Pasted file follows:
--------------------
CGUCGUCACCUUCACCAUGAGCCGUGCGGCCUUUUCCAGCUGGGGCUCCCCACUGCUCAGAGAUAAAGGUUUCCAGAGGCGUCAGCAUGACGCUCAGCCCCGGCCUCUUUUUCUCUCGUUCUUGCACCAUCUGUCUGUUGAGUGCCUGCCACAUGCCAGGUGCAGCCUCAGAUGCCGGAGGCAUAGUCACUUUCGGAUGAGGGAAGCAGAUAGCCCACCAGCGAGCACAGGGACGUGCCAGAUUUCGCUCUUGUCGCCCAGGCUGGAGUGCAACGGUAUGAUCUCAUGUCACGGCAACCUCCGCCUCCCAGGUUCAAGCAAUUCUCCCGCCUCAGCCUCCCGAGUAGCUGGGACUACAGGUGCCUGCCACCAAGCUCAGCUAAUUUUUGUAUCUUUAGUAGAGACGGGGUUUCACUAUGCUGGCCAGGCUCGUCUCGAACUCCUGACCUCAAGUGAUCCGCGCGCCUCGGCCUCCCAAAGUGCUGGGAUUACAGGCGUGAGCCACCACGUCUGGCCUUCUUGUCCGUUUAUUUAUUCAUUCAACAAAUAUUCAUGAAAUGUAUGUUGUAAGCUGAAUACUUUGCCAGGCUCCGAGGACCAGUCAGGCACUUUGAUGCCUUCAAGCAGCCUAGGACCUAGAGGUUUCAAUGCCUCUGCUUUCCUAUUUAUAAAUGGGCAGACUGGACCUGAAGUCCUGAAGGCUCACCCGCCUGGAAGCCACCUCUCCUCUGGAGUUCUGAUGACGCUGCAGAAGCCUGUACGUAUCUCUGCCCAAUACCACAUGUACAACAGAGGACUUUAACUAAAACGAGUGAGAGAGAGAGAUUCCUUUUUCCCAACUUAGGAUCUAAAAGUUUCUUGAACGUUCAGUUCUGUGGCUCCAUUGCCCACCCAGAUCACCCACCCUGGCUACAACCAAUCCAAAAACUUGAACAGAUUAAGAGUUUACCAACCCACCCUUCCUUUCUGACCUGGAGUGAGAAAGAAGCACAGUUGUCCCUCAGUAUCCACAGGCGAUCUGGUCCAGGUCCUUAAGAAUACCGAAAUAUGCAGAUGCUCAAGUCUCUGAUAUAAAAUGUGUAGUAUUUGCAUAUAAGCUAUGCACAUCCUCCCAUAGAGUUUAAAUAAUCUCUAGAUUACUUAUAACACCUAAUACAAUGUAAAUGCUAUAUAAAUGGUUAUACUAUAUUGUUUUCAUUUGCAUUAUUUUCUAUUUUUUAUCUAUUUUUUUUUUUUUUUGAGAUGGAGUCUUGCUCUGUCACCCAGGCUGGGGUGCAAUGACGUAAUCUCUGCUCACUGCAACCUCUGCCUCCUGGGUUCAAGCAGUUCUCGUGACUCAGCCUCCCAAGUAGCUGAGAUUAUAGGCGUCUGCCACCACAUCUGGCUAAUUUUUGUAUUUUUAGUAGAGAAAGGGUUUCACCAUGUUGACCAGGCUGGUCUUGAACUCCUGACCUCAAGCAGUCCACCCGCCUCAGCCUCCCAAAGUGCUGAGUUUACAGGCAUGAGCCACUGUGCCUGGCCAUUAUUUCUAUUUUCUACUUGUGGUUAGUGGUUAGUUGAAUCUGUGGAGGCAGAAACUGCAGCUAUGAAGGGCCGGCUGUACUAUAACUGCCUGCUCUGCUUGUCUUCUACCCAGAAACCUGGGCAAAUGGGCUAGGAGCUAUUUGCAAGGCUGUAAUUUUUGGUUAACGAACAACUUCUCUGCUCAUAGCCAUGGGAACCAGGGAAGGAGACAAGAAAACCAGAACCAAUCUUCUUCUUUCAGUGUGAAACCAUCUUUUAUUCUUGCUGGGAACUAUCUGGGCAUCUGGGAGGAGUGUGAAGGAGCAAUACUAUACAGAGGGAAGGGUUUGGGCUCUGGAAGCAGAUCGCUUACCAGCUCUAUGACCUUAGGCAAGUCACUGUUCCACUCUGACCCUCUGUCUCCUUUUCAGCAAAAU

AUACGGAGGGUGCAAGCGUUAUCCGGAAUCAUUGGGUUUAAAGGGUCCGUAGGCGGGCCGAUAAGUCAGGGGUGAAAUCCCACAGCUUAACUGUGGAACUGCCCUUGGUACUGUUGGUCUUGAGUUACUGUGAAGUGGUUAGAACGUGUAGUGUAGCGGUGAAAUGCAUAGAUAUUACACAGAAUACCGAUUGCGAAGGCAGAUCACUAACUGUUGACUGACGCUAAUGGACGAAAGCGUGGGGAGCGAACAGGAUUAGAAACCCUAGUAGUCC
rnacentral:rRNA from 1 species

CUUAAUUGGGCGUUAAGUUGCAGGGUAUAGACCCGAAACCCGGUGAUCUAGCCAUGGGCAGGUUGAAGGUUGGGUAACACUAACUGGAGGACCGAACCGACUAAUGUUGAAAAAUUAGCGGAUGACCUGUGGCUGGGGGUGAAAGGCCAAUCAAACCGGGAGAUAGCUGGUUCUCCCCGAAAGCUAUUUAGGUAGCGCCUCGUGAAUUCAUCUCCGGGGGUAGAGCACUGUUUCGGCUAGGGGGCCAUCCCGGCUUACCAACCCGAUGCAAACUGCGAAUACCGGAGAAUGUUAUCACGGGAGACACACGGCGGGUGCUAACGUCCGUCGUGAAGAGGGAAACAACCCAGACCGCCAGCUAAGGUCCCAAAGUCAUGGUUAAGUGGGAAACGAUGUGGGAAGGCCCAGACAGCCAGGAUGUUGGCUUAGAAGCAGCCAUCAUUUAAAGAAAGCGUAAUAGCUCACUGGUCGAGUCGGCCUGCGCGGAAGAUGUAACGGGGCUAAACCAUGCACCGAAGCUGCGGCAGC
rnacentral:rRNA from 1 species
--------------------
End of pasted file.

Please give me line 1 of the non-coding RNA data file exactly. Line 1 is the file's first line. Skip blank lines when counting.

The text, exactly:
CGUCGUCACCUUCACCAUGAGCCGUGCGGCCUUUUCCAGCUGGGGCUCCCCACUGCUCAGAGAUAAAGGUUUCCAGAGGCGUCAGCAUGACGCUCAGCCCCGGCCUCUUUUUCUCUCGUUCUUGCACCAUCUGUCUGUUGAGUGCCUGCCACAUGCCAGGUGCAGCCUCAGAUGCCGGAGGCAUAGUCACUUUCGGAUGAGGGAAGCAGAUAGCCCACCAGCGAGCACAGGGACGUGCCAGAUUUCGCUCUUGUCGCCCAGGCUGGAGUGCAACGGUAUGAUCUCAUGUCACGGCAACCUCCGCCUCCCAGGUUCAAGCAAUUCUCCCGCCUCAGCCUCCCGAGUAGCUGGGACUACAGGUGCCUGCCACCAAGCUCAGCUAAUUUUUGUAUCUUUAGUAGAGACGGGGUUUCACUAUGCUGGCCAGGCUCGUCUCGAACUCCUGACCUCAAGUGAUCCGCGCGCCUCGGCCUCCCAAAGUGCUGGGAUUACAGGCGUGAGCCACCACGUCUGGCCUUCUUGUCCGUUUAUUUAUUCAUUCAACAAAUAUUCAUGAAAUGUAUGUUGUAAGCUGAAUACUUUGCCAGGCUCCGAGGACCAGUCAGGCACUUUGAUGCCUUCAAGCAGCCUAGGACCUAGAGGUUUCAAUGCCUCUGCUUUCCUAUUUAUAAAUGGGCAGACUGGACCUGAAGUCCUGAAGGCUCACCCGCCUGGAAGCCACCUCUCCUCUGGAGUUCUGAUGACGCUGCAGAAGCCUGUACGUAUCUCUGCCCAAUACCACAUGUACAACAGAGGACUUUAACUAAAACGAGUGAGAGAGAGAGAUUCCUUUUUCCCAACUUAGGAUCUAAAAGUUUCUUGAACGUUCAGUUCUGUGGCUCCAUUGCCCACCCAGAUCACCCACCCUGGCUACAACCAAUCCAAAAACUUGAACAGAUUAAGAGUUUACCAACCCACCCUUCCUUUCUGACCUGGAGUGAGAAAGAAGCACAGUUGUCCCUCAGUAUCCACAGGCGAUCUGGUCCAGGUCCUUAAGAAUACCGAAAUAUGCAGAUGCUCAAGUCUCUGAUAUAAAAUGUGUAGUAUUUGCAUAUAAGCUAUGCACAUCCUCCCAUAGAGUUUAAAUAAUCUCUAGAUUACUUAUAACACCUAAUACAAUGUAAAUGCUAUAUAAAUGGUUAUACUAUAUUGUUUUCAUUUGCAUUAUUUUCUAUUUUUUAUCUAUUUUUUUUUUUUUUUGAGAUGGAGUCUUGCUCUGUCACCCAGGCUGGGGUGCAAUGACGUAAUCUCUGCUCACUGCAACCUCUGCCUCCUGGGUUCAAGCAGUUCUCGUGACUCAGCCUCCCAAGUAGCUGAGAUUAUAGGCGUCUGCCACCACAUCUGGCUAAUUUUUGUAUUUUUAGUAGAGAAAGGGUUUCACCAUGUUGACCAGGCUGGUCUUGAACUCCUGACCUCAAGCAGUCCACCCGCCUCAGCCUCCCAAAGUGCUGAGUUUACAGGCAUGAGCCACUGUGCCUGGCCAUUAUUUCUAUUUUCUACUUGUGGUUAGUGGUUAGUUGAAUCUGUGGAGGCAGAAACUGCAGCUAUGAAGGGCCGGCUGUACUAUAACUGCCUGCUCUGCUUGUCUUCUACCCAGAAACCUGGGCAAAUGGGCUAGGAGCUAUUUGCAAGGCUGUAAUUUUUGGUUAACGAACAACUUCUCUGCUCAUAGCCAUGGGAACCAGGGAAGGAGACAAGAAAACCAGAACCAAUCUUCUUCUUUCAGUGUGAAACCAUCUUUUAUUCUUGCUGGGAACUAUCUGGGCAUCUGGGAGGAGUGUGAAGGAGCAAUACUAUACAGAGGGAAGGGUUUGGGCUCUGGAAGCAGAUCGCUUACCAGCUCUAUGACCUUAGGCAAGUCACUGUUCCACUCUGACCCUCUGUCUCCUUUUCAGCAAAAU